HumanInsight Remote follow-up technologies in traumatic brain injury: a scoping review
J Neurotrauma. 2022 Jun 21. doi: 10.1089/neu.2022.0138. Online ahead of print.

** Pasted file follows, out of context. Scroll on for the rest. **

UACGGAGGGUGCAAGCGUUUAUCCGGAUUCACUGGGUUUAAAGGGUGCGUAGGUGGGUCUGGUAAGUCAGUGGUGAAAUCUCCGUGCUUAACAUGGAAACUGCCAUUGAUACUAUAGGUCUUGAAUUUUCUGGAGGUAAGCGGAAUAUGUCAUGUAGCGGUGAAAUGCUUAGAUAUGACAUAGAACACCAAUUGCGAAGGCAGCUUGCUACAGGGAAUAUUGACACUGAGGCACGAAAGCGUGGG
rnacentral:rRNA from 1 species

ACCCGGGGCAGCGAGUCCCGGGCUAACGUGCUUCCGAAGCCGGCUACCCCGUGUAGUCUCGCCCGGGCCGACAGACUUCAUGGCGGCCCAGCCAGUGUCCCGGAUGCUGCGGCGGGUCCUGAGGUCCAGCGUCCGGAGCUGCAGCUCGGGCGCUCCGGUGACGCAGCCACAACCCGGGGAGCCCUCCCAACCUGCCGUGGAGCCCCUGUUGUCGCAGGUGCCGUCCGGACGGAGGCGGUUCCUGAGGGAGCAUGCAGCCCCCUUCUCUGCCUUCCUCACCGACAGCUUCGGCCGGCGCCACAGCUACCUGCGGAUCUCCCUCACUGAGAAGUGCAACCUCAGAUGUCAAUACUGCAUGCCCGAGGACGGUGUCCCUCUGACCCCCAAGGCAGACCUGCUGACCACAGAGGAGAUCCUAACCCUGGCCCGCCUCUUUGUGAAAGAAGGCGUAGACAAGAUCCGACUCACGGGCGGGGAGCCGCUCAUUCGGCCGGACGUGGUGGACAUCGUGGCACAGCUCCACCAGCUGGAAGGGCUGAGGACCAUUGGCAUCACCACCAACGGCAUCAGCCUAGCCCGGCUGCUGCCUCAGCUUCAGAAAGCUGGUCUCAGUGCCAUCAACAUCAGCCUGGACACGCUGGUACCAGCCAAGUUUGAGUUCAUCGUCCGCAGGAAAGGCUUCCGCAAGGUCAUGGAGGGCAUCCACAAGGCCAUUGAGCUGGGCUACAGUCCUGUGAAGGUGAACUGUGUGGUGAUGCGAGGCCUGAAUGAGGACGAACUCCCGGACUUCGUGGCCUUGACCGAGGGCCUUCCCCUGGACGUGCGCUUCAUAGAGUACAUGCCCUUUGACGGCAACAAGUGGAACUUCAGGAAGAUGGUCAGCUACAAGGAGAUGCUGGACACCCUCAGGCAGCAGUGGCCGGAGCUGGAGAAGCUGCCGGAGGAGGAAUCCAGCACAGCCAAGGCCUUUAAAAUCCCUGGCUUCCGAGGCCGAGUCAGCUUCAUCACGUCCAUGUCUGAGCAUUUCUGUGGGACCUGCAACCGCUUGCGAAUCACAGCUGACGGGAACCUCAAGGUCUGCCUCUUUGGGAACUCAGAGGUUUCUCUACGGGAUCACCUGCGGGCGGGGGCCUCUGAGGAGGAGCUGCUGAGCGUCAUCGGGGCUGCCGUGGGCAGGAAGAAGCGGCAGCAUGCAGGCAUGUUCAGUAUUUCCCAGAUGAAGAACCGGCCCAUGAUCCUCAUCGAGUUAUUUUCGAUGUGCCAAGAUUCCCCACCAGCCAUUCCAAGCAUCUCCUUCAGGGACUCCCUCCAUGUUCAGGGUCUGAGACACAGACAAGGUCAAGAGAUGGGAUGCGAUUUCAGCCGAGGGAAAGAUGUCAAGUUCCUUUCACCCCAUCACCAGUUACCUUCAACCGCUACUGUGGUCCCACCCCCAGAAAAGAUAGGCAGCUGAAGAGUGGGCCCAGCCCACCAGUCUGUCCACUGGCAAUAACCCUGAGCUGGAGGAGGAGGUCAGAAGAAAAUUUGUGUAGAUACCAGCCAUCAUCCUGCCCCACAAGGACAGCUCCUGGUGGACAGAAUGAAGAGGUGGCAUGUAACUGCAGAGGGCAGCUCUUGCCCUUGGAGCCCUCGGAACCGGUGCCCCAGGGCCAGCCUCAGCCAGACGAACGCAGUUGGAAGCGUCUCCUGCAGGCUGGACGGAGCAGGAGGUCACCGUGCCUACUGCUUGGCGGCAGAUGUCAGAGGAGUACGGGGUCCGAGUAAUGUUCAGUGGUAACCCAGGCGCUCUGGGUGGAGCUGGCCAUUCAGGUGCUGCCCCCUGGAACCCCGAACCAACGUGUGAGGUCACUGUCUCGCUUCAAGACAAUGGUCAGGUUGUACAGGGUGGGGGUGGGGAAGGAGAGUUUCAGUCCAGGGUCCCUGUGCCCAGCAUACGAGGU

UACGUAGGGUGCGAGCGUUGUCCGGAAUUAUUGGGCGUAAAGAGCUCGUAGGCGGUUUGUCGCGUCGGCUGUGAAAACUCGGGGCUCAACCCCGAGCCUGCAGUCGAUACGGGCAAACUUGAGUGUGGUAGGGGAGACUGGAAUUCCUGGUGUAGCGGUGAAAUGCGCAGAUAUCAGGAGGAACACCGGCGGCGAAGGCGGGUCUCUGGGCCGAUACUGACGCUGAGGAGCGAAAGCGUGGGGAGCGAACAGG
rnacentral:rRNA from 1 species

Traumatic brain injury (TBI) remains a leading cause of death and disability worldwide. Motivations for outcome data collection in TBI are threefold: to improve patient outcomes; facilitate research; and provide the means and methods for wider injury surveillance. Such data plays a pivotal role in population health, and ways to increase the reliability of data collection following TBI should be pursued. As a result, technology-aided follow-up of neurotrauma patients is on the rise; there is, therefore, a need to describe how such technologies have been used in post-TBI follow-up. A scoping review was conducted and reported using the PRISMA extension (PRISMA-ScR). Five electronic databases (Embase, MEDLINE, Global Health, PsycInfo, Scopus), were searched systematically using keywords derived from the concepts of 'telemedicine', 'TBI', 'outcome assessment', and 'patient-generated health data'. In total, 40 studies described follow-up technologies utilising telephones (52.5%, n = 21), SMS (10%, n = 4), smartphones (22.5%, n = 9), videoconferencing (10%, n = 4), digital assistants (2.5%, n = 1), and custom devices (2.5%, n = 1) amongst TBI patient cohorts of varying injury severity. Additionally, where reported, clinical facilitators, remote follow-up timing and intervals between sessions, the synchronicity of follow-up instances, proxy involvement, outcome measures utilised, and technology evaluation efforts are described. Follow-up technologies can aid more temporally-sensitive assessments that can capture fluctuating sequelae, a benefit that may be of particular relevance to TBI cohorts. However, the evidence base surrounding follow-up technologies remains in its infancy, particularly with respect to large samples, LMIC patient cohorts, and the validation of outcome measures for deployment via such remote technology.
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